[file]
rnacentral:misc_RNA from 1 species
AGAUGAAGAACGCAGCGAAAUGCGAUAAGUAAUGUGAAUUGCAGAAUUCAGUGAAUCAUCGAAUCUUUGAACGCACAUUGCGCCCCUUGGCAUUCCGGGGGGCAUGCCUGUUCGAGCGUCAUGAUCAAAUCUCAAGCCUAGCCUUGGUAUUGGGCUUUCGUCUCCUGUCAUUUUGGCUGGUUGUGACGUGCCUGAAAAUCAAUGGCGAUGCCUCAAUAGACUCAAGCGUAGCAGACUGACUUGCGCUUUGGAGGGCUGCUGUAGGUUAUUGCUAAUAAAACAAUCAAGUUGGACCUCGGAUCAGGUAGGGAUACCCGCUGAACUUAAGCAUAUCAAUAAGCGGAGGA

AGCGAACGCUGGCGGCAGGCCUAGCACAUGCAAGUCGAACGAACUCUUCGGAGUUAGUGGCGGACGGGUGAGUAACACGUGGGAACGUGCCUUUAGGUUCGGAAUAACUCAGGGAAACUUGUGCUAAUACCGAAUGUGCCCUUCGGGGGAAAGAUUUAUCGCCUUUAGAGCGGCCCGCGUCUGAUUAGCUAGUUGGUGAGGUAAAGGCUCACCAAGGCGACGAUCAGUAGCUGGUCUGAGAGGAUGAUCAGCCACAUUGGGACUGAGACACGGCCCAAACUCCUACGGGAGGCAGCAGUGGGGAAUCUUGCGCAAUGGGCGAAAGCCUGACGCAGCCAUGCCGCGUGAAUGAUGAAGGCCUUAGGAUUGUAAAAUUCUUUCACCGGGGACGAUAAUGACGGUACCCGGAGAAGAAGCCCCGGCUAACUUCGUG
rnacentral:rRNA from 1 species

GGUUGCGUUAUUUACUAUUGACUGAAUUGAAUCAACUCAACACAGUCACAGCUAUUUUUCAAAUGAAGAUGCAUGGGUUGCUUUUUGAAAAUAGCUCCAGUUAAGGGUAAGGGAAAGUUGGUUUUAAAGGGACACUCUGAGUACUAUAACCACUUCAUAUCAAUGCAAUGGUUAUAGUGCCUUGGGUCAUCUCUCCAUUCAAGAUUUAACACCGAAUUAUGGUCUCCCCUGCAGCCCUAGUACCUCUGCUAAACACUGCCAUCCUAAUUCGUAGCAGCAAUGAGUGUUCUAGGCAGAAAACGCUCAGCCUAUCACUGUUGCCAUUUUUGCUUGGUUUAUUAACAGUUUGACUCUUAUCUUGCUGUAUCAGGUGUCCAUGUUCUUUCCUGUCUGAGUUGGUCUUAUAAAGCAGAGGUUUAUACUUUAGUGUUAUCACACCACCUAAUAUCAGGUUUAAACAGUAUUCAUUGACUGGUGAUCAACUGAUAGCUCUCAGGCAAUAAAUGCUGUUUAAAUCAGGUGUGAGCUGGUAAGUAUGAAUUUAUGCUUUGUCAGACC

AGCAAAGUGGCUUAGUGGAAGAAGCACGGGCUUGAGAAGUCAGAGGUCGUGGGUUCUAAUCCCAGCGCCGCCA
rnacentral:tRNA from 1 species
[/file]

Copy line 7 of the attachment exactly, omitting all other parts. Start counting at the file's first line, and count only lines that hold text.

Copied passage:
rnacentral:tRNA from 1 species